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High Resolution Paleolake-Level and Paleoclimate Reconstruction from Integrated Geologic, Glacial, Tectonic, and Hydrologic Modeling of the south-eastern Sierra Nevada
AuthorBacon, Steven Neal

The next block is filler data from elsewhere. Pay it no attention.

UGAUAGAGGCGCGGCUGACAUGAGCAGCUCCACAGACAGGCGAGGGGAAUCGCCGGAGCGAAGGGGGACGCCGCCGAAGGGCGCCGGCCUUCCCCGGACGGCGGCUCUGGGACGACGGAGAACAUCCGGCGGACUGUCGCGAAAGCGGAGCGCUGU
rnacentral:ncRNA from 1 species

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A new approach to developing a continuous paleolake-level curve for Owens Lake in the south-eastern Sierra Nevada during last 50,000 years integrates lake-core data and shoreline geomorphology with wind-wave and sediment entrainment modeling of lake-core sedimentology that is corrected for tectonic ground deformation. An 11,500-year time-series of reconstructed changes in precipitation and snowpack was then produced from a watershed-lake water balance model of the paleo-Owens River-Lake system. Paleoclimate simulations were performed at 100-yr time steps using adjusted 800-meter historical climate data. The water balance model developed in this dissertation improves on existing paleohydrologic models for the region through use of a continuous lake-level calibration curve and incorporation of (1) a paleotemperature dataset corresponding with local glacial deposits; (2) changes in paleo-solar insolation; (3) glacial ice/perennial snow accumulation; (4) salinity of paleolake water; and (5) surface runoff gains and losses. The simulation of hydroclimate during the Holocene is summarized by precipitation ranging from ~74 to 159% of historical baseline (WY1896–2015) with temperature anomalies ranging from -1.5 to 0.31°C. One of the principle findings of this research is the south-eastern Sierra Nevada was cooler and persistent droughts were not as severe during the late Holocene compared to previous estimates made from paleohydrologic modeling of other lakes in the region that are controlled by tree-ring proxy records. The application of elevated temperatures and lack of accounting for losses from snow sublimation and snow storage, plus losses from channel percolation in other models produces overestimates in the severity of droughts. The new Holocene hydroclimate record can be used to support other paleoclimate archives in the western U.S. by providing high-resolution quantitative estimates of regional hydroclimate variability.